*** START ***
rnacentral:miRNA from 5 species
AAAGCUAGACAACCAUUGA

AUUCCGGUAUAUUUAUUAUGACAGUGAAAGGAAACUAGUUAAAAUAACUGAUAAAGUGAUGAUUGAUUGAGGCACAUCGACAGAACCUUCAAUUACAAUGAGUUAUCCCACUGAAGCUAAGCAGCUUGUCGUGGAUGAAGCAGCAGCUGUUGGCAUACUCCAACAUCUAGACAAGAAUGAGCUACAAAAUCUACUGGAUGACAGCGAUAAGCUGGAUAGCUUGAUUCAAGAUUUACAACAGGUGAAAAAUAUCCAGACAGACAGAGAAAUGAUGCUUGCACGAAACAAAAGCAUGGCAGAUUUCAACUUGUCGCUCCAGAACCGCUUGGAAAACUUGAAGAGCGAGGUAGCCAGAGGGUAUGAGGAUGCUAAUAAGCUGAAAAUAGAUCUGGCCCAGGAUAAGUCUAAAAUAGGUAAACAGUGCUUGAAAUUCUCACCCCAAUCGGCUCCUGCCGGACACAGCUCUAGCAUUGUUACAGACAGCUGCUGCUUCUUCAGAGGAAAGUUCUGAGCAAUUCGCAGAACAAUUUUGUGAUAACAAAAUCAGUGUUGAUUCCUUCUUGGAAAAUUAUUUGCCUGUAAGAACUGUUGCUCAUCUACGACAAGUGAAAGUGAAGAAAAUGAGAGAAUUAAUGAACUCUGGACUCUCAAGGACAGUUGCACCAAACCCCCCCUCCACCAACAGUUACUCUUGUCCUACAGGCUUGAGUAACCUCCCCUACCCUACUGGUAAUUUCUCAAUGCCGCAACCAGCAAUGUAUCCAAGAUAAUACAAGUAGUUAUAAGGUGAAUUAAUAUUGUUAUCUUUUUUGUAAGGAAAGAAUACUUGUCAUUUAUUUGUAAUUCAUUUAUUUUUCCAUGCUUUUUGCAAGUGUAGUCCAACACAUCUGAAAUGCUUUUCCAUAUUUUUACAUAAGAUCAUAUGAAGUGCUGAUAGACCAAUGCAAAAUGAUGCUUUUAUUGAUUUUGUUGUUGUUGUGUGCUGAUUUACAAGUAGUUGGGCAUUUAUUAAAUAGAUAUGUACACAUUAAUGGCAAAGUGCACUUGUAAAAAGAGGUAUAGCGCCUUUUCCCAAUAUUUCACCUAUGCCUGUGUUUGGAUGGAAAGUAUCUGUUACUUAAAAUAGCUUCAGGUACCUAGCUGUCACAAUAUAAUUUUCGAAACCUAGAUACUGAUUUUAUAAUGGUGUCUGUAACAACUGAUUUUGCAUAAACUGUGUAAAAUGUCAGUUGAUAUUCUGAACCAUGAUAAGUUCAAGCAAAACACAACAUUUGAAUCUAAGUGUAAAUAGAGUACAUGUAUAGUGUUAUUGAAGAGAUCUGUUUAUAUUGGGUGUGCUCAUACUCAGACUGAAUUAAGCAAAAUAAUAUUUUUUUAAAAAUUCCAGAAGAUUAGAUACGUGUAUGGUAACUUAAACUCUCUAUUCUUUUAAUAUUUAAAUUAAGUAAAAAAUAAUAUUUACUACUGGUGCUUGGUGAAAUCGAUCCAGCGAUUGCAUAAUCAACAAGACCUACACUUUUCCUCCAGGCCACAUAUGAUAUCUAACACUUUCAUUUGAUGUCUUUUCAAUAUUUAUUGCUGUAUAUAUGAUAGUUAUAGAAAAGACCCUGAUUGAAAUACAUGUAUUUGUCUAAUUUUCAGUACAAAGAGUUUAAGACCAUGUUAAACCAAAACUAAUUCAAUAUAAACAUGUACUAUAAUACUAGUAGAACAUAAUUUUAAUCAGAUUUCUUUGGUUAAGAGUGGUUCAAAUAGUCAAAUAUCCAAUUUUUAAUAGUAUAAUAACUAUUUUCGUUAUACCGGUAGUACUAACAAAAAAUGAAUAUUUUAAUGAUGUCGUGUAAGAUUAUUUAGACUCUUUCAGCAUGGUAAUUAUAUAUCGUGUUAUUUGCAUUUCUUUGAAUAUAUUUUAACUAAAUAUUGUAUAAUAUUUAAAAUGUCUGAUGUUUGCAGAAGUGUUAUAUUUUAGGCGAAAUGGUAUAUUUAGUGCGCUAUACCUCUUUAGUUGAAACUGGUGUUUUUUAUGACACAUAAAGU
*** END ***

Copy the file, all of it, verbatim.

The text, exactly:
rnacentral:miRNA from 5 species
AAAGCUAGACAACCAUUGA

AUUCCGGUAUAUUUAUUAUGACAGUGAAAGGAAACUAGUUAAAAUAACUGAUAAAGUGAUGAUUGAUUGAGGCACAUCGACAGAACCUUCAAUUACAAUGAGUUAUCCCACUGAAGCUAAGCAGCUUGUCGUGGAUGAAGCAGCAGCUGUUGGCAUACUCCAACAUCUAGACAAGAAUGAGCUACAAAAUCUACUGGAUGACAGCGAUAAGCUGGAUAGCUUGAUUCAAGAUUUACAACAGGUGAAAAAUAUCCAGACAGACAGAGAAAUGAUGCUUGCACGAAACAAAAGCAUGGCAGAUUUCAACUUGUCGCUCCAGAACCGCUUGGAAAACUUGAAGAGCGAGGUAGCCAGAGGGUAUGAGGAUGCUAAUAAGCUGAAAAUAGAUCUGGCCCAGGAUAAGUCUAAAAUAGGUAAACAGUGCUUGAAAUUCUCACCCCAAUCGGCUCCUGCCGGACACAGCUCUAGCAUUGUUACAGACAGCUGCUGCUUCUUCAGAGGAAAGUUCUGAGCAAUUCGCAGAACAAUUUUGUGAUAACAAAAUCAGUGUUGAUUCCUUCUUGGAAAAUUAUUUGCCUGUAAGAACUGUUGCUCAUCUACGACAAGUGAAAGUGAAGAAAAUGAGAGAAUUAAUGAACUCUGGACUCUCAAGGACAGUUGCACCAAACCCCCCCUCCACCAACAGUUACUCUUGUCCUACAGGCUUGAGUAACCUCCCCUACCCUACUGGUAAUUUCUCAAUGCCGCAACCAGCAAUGUAUCCAAGAUAAUACAAGUAGUUAUAAGGUGAAUUAAUAUUGUUAUCUUUUUUGUAAGGAAAGAAUACUUGUCAUUUAUUUGUAAUUCAUUUAUUUUUCCAUGCUUUUUGCAAGUGUAGUCCAACACAUCUGAAAUGCUUUUCCAUAUUUUUACAUAAGAUCAUAUGAAGUGCUGAUAGACCAAUGCAAAAUGAUGCUUUUAUUGAUUUUGUUGUUGUUGUGUGCUGAUUUACAAGUAGUUGGGCAUUUAUUAAAUAGAUAUGUACACAUUAAUGGCAAAGUGCACUUGUAAAAAGAGGUAUAGCGCCUUUUCCCAAUAUUUCACCUAUGCCUGUGUUUGGAUGGAAAGUAUCUGUUACUUAAAAUAGCUUCAGGUACCUAGCUGUCACAAUAUAAUUUUCGAAACCUAGAUACUGAUUUUAUAAUGGUGUCUGUAACAACUGAUUUUGCAUAAACUGUGUAAAAUGUCAGUUGAUAUUCUGAACCAUGAUAAGUUCAAGCAAAACACAACAUUUGAAUCUAAGUGUAAAUAGAGUACAUGUAUAGUGUUAUUGAAGAGAUCUGUUUAUAUUGGGUGUGCUCAUACUCAGACUGAAUUAAGCAAAAUAAUAUUUUUUUAAAAAUUCCAGAAGAUUAGAUACGUGUAUGGUAACUUAAACUCUCUAUUCUUUUAAUAUUUAAAUUAAGUAAAAAAUAAUAUUUACUACUGGUGCUUGGUGAAAUCGAUCCAGCGAUUGCAUAAUCAACAAGACCUACACUUUUCCUCCAGGCCACAUAUGAUAUCUAACACUUUCAUUUGAUGUCUUUUCAAUAUUUAUUGCUGUAUAUAUGAUAGUUAUAGAAAAGACCCUGAUUGAAAUACAUGUAUUUGUCUAAUUUUCAGUACAAAGAGUUUAAGACCAUGUUAAACCAAAACUAAUUCAAUAUAAACAUGUACUAUAAUACUAGUAGAACAUAAUUUUAAUCAGAUUUCUUUGGUUAAGAGUGGUUCAAAUAGUCAAAUAUCCAAUUUUUAAUAGUAUAAUAACUAUUUUCGUUAUACCGGUAGUACUAACAAAAAAUGAAUAUUUUAAUGAUGUCGUGUAAGAUUAUUUAGACUCUUUCAGCAUGGUAAUUAUAUAUCGUGUUAUUUGCAUUUCUUUGAAUAUAUUUUAACUAAAUAUUGUAUAAUAUUUAAAAUGUCUGAUGUUUGCAGAAGUGUUAUAUUUUAGGCGAAAUGGUAUAUUUAGUGCGCUAUACCUCUUUAGUUGAAACUGGUGUUUUUUAUGACACAUAAAGU